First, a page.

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With `Babel,' exec proves new Vantage label is an indie force

Paramount's John Lesher is showing it doesn't hurt to be a former talent agent.

October 30, 2006|Claudia Eller | Times Staff Writer

When John Lesher sold a film project to Paramount Pictures Corp. last year, the Hollywood talent agent couldn't have imagined he'd end up shepherding the movie into theaters as head of the studio's new specialty unit.

"Babel," an intense drama starring Brad Pitt and Cate Blanchett, opened over the weekend, Lesher's first release under the Paramount Vantage banner. The energetic and excitable 40-year-old must be giddy today: In the few theaters in which it played, the film made a spectacular showing.

After a two-decade career representing such luminaries as Martin Scorsese and "Babel" director Alejandro Gonzalez Inarritu, Lesher has shown a knack for his new role. Though detractors say he can be a cocky snob, few can deny how quickly Lesher has put Vantage on the map.

In less than a year, the label has become a bona fide competitor in an independent film arena dominated by News Corp.'s Fox Searchlight Pictures and NBC Universal Inc.'s Focus Features. Vantage has eight movies in production and 10 releases set for next year, with such noted writer-directors as Noah Baumbach ("The Squid and the Whale"), Paul Thomas Anderson ("Boogie Nights") and the Coen brothers ("Fargo").

Lesher reshaped Vantage's predecessor, Paramount Classics, handpicking a staff of 77 and hiring a top business executive from Lions Gate Entertainment Corp., Nick Meyer, to help run the division.

Before the label's renaming as Vantage, he scored with the spring release of Al Gore's global-warming documentary, "An Inconvenient Truth."

"He's done an incredibly impressive job in a very short time of putting together some of the best filmmakers and first-rate executives in the business," said onetime rival Robert Newman, a top movie agent at International Creative Management Inc. "The company has become a real force and he's made it an attractive place for artists to work."

Specialty labels such as Vantage have become linchpins for the major studios. Their lower-cost, offbeat films can bring Oscar prestige and big profits while complementing studios' mainstream, "popcorn" fare.

Some of the most acclaimed specialty films lately were made by Lesher's former clients at Endeavor agency, including Todd Field's "Little Children," Fernando Meirelles' "The Constant Gardener," Bennett Miller's "Capote" and Walter Salles' "The Motorcycle Diaries."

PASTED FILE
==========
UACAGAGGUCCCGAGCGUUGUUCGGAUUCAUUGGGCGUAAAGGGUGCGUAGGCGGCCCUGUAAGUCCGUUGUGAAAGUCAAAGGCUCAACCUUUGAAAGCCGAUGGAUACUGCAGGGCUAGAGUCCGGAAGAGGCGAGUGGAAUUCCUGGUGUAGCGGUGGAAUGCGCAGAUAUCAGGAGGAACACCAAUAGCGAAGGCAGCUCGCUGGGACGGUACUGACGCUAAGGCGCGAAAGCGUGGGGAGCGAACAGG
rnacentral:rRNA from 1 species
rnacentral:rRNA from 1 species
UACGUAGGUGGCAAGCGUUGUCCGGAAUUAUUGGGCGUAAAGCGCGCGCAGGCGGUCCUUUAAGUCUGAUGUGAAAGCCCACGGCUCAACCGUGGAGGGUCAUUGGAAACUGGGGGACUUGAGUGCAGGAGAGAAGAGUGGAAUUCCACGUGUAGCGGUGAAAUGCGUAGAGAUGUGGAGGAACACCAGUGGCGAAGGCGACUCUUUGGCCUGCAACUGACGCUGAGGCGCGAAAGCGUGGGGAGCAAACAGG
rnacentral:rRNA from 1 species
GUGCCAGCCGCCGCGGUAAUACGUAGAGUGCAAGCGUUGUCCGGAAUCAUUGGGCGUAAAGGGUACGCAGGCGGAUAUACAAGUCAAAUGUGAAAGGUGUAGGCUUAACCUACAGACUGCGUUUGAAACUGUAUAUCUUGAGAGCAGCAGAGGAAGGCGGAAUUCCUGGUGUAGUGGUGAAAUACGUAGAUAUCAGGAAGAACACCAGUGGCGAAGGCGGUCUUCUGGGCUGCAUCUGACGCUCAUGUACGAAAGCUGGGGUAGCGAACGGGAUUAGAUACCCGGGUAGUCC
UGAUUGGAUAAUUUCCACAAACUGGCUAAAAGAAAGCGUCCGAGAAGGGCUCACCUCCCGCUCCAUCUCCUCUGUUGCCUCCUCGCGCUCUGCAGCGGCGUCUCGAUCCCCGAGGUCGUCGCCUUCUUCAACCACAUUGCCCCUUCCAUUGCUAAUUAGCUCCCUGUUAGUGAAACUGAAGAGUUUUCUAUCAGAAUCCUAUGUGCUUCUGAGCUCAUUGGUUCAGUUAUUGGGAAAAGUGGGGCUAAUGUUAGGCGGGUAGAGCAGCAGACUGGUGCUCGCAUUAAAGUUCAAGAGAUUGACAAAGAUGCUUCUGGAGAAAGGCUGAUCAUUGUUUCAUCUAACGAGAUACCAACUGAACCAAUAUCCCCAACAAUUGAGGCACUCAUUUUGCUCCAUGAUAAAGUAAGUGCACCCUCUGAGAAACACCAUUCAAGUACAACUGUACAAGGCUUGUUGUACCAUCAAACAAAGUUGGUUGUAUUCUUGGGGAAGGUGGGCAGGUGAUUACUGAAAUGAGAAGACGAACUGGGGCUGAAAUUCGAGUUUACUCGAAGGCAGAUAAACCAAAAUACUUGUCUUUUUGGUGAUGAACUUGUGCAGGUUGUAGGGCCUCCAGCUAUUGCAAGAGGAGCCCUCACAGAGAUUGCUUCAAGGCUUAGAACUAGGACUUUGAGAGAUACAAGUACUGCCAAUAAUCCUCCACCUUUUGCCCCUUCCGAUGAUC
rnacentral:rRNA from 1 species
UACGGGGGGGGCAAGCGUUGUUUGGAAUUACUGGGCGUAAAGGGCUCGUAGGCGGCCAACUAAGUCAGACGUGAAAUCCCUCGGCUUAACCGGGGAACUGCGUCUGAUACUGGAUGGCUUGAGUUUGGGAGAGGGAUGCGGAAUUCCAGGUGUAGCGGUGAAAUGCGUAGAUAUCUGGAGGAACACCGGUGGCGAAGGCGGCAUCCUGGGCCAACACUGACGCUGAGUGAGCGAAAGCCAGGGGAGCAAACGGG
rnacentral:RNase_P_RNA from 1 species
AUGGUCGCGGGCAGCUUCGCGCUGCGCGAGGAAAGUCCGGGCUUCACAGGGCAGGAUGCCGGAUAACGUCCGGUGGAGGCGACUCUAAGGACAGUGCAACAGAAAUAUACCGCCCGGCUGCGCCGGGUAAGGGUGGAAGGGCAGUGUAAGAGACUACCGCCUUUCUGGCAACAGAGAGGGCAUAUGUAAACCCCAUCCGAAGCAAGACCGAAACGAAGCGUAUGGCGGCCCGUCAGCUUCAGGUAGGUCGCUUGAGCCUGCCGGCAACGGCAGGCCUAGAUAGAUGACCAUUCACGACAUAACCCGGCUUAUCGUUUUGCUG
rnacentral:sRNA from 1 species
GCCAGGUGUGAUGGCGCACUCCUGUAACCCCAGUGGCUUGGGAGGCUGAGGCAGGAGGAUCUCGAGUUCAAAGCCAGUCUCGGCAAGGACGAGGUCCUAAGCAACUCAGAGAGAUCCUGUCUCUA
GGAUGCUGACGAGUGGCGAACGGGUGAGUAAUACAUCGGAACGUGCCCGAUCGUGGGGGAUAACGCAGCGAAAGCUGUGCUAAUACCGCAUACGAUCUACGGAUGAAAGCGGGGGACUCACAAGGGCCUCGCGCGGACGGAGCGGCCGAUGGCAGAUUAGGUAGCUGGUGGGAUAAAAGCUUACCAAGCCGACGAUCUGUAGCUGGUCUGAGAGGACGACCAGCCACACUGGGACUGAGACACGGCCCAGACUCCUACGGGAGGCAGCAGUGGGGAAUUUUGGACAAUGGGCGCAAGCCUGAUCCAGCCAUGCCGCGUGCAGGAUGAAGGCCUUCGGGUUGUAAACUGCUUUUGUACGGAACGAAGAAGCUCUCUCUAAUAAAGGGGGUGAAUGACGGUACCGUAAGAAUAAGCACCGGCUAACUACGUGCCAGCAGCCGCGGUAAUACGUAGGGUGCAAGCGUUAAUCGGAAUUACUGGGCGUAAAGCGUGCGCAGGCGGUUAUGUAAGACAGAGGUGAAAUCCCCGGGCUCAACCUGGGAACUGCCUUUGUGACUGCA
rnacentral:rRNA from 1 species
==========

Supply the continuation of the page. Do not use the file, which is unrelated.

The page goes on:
Lesher's out-of-the-gate success is particularly sweet for Brad Grey, a former talent manager who was criticized when he became chairman of Paramount Pictures in 2005 for having little moviemaking experience and surrounding himself with others who were equally as green.

Shortly after joining the struggling studio, Grey made the specialized film business a top priority. His former boss, Viacom Inc.'s then-Chief Executive Tom Freston, had trashed Paramount Classics as an "also-ran."

Grey first worked closely with Lesher on Scorsese's "The Departed," with Grey as a producer and Lesher representing the director. "You need someone who really understands the language of talent," Grey said, describing his choice of Lesher. "John has extraordinary taste ... and he thinks out of the box."

Lesher's tenacity was on display this year when he snapped up "An Inconvenient Truth" at the Sundance Film Festival, where it drew several suitors.

"John was the most persistent by a factor of 20," Gore recalled in an interview. "He made at least a dozen phone calls to me personally. He was very passionate and promised he was really going to get behind it."

Lesher made good on his word. He took Gore to the exhibitors' ShoWest convention in Las Vegas to get theater operators excited about the movie.

He pleaded with Cannes Film Festival officials to screen the documentary even though it already had been shown at another major venue. Gore not only walked down the red carpet ("I'm old enough to know it's just a rug," he quipped), but also was toasted at a party for the film hosted by Vanity Fair magazine.

"It really helped set the stage for everything we were doing," said Lesher, who even sent Gore to Wal-Mart Stores Inc. headquarters to schmooze the nation's largest seller of DVDs.

In the marketing campaign, Lesher framed the documentary as a moral rather than a political debate, helping to broaden its appeal. Opening on the competitive Memorial Day weekend and still in theaters, the film has grossed nearly $24 million in the U.S. and Canada.

Was the former vice president impressed? "Are you kidding? Absolutely," Gore said. "This is a slide show on global warming starring Al Gore!"

Filmmakers who have worked with Lesher say they admire his chutzpah, his decisiveness and his trust in artists. They find his eccentricities charming too.

Comedy screenwriter Mike White ("Nacho Libre" and "School of Rock") said making his directing debut on "Year of the Dog" for Vantage was "the best work experience I've ever had," in part because Lesher remained virtually "hands off" during production.

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